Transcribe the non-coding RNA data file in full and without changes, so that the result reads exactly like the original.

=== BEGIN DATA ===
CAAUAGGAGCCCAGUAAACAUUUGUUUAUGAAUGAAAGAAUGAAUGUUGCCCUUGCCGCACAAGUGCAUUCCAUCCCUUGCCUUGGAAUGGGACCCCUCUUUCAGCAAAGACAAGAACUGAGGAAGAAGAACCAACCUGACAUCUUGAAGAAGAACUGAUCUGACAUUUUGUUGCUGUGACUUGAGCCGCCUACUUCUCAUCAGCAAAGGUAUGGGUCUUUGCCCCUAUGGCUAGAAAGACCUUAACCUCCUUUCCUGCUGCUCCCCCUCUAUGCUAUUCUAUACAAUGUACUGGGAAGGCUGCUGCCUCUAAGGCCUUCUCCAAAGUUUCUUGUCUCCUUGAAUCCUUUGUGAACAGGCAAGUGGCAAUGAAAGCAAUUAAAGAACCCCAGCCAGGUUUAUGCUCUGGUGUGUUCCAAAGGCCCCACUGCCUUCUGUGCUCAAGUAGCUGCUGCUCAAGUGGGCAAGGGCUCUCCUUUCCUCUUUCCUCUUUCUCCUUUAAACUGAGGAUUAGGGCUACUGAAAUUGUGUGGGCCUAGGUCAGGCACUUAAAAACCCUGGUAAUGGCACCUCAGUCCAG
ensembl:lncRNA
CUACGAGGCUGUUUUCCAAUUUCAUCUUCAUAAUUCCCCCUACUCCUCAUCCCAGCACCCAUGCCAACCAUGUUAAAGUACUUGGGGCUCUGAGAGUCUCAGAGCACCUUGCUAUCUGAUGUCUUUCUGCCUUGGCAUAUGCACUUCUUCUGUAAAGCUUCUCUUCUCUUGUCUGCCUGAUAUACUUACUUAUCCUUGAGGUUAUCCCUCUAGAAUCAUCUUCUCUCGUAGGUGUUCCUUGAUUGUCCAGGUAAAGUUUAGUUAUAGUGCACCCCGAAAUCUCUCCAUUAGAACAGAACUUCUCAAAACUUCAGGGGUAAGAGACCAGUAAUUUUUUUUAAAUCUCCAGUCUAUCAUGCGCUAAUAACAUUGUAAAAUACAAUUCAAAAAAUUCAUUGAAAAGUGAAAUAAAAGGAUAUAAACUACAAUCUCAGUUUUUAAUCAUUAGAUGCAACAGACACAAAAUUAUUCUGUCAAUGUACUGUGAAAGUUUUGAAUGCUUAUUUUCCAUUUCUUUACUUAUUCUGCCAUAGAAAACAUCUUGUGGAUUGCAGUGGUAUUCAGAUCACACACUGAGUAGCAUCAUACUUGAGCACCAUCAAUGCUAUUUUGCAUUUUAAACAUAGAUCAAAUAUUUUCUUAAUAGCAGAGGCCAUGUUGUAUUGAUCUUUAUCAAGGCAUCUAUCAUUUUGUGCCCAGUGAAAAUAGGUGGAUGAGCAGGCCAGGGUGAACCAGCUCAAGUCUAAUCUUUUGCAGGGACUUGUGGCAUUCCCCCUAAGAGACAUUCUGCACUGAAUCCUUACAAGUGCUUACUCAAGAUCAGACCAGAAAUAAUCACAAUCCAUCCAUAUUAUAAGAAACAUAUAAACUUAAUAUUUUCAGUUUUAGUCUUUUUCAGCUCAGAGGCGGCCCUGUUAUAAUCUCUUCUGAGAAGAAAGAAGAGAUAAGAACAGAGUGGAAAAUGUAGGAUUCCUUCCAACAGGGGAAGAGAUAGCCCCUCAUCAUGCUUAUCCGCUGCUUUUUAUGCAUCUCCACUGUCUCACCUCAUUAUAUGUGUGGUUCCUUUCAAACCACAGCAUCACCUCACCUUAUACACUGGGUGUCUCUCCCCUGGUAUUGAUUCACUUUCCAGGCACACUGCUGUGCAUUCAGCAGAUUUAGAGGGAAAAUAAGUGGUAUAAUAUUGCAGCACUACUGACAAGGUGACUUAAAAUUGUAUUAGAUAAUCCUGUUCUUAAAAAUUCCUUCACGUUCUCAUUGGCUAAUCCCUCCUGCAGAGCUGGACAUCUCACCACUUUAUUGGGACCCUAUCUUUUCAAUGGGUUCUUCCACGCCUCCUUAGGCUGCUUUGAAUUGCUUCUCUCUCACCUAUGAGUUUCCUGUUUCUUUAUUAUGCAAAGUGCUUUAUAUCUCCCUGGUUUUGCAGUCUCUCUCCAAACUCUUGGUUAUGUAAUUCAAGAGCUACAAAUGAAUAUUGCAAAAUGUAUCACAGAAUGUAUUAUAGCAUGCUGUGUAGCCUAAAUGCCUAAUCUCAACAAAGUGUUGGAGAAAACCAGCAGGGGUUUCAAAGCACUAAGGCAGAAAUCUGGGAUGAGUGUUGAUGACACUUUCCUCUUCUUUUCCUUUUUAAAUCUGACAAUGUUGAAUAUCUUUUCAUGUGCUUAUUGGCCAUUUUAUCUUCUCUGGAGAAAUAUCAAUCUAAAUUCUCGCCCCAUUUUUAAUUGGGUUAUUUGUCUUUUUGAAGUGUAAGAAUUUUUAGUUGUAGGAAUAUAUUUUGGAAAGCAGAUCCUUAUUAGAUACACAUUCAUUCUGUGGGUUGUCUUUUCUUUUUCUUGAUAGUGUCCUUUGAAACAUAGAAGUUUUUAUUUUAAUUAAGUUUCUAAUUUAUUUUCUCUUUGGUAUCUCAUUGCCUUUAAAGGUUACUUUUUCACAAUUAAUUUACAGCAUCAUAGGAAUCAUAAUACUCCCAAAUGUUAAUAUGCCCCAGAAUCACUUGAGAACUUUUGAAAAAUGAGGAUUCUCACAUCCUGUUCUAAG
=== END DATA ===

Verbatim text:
CAAUAGGAGCCCAGUAAACAUUUGUUUAUGAAUGAAAGAAUGAAUGUUGCCCUUGCCGCACAAGUGCAUUCCAUCCCUUGCCUUGGAAUGGGACCCCUCUUUCAGCAAAGACAAGAACUGAGGAAGAAGAACCAACCUGACAUCUUGAAGAAGAACUGAUCUGACAUUUUGUUGCUGUGACUUGAGCCGCCUACUUCUCAUCAGCAAAGGUAUGGGUCUUUGCCCCUAUGGCUAGAAAGACCUUAACCUCCUUUCCUGCUGCUCCCCCUCUAUGCUAUUCUAUACAAUGUACUGGGAAGGCUGCUGCCUCUAAGGCCUUCUCCAAAGUUUCUUGUCUCCUUGAAUCCUUUGUGAACAGGCAAGUGGCAAUGAAAGCAAUUAAAGAACCCCAGCCAGGUUUAUGCUCUGGUGUGUUCCAAAGGCCCCACUGCCUUCUGUGCUCAAGUAGCUGCUGCUCAAGUGGGCAAGGGCUCUCCUUUCCUCUUUCCUCUUUCUCCUUUAAACUGAGGAUUAGGGCUACUGAAAUUGUGUGGGCCUAGGUCAGGCACUUAAAAACCCUGGUAAUGGCACCUCAGUCCAG
ensembl:lncRNA
CUACGAGGCUGUUUUCCAAUUUCAUCUUCAUAAUUCCCCCUACUCCUCAUCCCAGCACCCAUGCCAACCAUGUUAAAGUACUUGGGGCUCUGAGAGUCUCAGAGCACCUUGCUAUCUGAUGUCUUUCUGCCUUGGCAUAUGCACUUCUUCUGUAAAGCUUCUCUUCUCUUGUCUGCCUGAUAUACUUACUUAUCCUUGAGGUUAUCCCUCUAGAAUCAUCUUCUCUCGUAGGUGUUCCUUGAUUGUCCAGGUAAAGUUUAGUUAUAGUGCACCCCGAAAUCUCUCCAUUAGAACAGAACUUCUCAAAACUUCAGGGGUAAGAGACCAGUAAUUUUUUUUAAAUCUCCAGUCUAUCAUGCGCUAAUAACAUUGUAAAAUACAAUUCAAAAAAUUCAUUGAAAAGUGAAAUAAAAGGAUAUAAACUACAAUCUCAGUUUUUAAUCAUUAGAUGCAACAGACACAAAAUUAUUCUGUCAAUGUACUGUGAAAGUUUUGAAUGCUUAUUUUCCAUUUCUUUACUUAUUCUGCCAUAGAAAACAUCUUGUGGAUUGCAGUGGUAUUCAGAUCACACACUGAGUAGCAUCAUACUUGAGCACCAUCAAUGCUAUUUUGCAUUUUAAACAUAGAUCAAAUAUUUUCUUAAUAGCAGAGGCCAUGUUGUAUUGAUCUUUAUCAAGGCAUCUAUCAUUUUGUGCCCAGUGAAAAUAGGUGGAUGAGCAGGCCAGGGUGAACCAGCUCAAGUCUAAUCUUUUGCAGGGACUUGUGGCAUUCCCCCUAAGAGACAUUCUGCACUGAAUCCUUACAAGUGCUUACUCAAGAUCAGACCAGAAAUAAUCACAAUCCAUCCAUAUUAUAAGAAACAUAUAAACUUAAUAUUUUCAGUUUUAGUCUUUUUCAGCUCAGAGGCGGCCCUGUUAUAAUCUCUUCUGAGAAGAAAGAAGAGAUAAGAACAGAGUGGAAAAUGUAGGAUUCCUUCCAACAGGGGAAGAGAUAGCCCCUCAUCAUGCUUAUCCGCUGCUUUUUAUGCAUCUCCACUGUCUCACCUCAUUAUAUGUGUGGUUCCUUUCAAACCACAGCAUCACCUCACCUUAUACACUGGGUGUCUCUCCCCUGGUAUUGAUUCACUUUCCAGGCACACUGCUGUGCAUUCAGCAGAUUUAGAGGGAAAAUAAGUGGUAUAAUAUUGCAGCACUACUGACAAGGUGACUUAAAAUUGUAUUAGAUAAUCCUGUUCUUAAAAAUUCCUUCACGUUCUCAUUGGCUAAUCCCUCCUGCAGAGCUGGACAUCUCACCACUUUAUUGGGACCCUAUCUUUUCAAUGGGUUCUUCCACGCCUCCUUAGGCUGCUUUGAAUUGCUUCUCUCUCACCUAUGAGUUUCCUGUUUCUUUAUUAUGCAAAGUGCUUUAUAUCUCCCUGGUUUUGCAGUCUCUCUCCAAACUCUUGGUUAUGUAAUUCAAGAGCUACAAAUGAAUAUUGCAAAAUGUAUCACAGAAUGUAUUAUAGCAUGCUGUGUAGCCUAAAUGCCUAAUCUCAACAAAGUGUUGGAGAAAACCAGCAGGGGUUUCAAAGCACUAAGGCAGAAAUCUGGGAUGAGUGUUGAUGACACUUUCCUCUUCUUUUCCUUUUUAAAUCUGACAAUGUUGAAUAUCUUUUCAUGUGCUUAUUGGCCAUUUUAUCUUCUCUGGAGAAAUAUCAAUCUAAAUUCUCGCCCCAUUUUUAAUUGGGUUAUUUGUCUUUUUGAAGUGUAAGAAUUUUUAGUUGUAGGAAUAUAUUUUGGAAAGCAGAUCCUUAUUAGAUACACAUUCAUUCUGUGGGUUGUCUUUUCUUUUUCUUGAUAGUGUCCUUUGAAACAUAGAAGUUUUUAUUUUAAUUAAGUUUCUAAUUUAUUUUCUCUUUGGUAUCUCAUUGCCUUUAAAGGUUACUUUUUCACAAUUAAUUUACAGCAUCAUAGGAAUCAUAAUACUCCCAAAUGUUAAUAUGCCCCAGAAUCACUUGAGAACUUUUGAAAAAUGAGGAUUCUCACAUCCUGUUCUAAG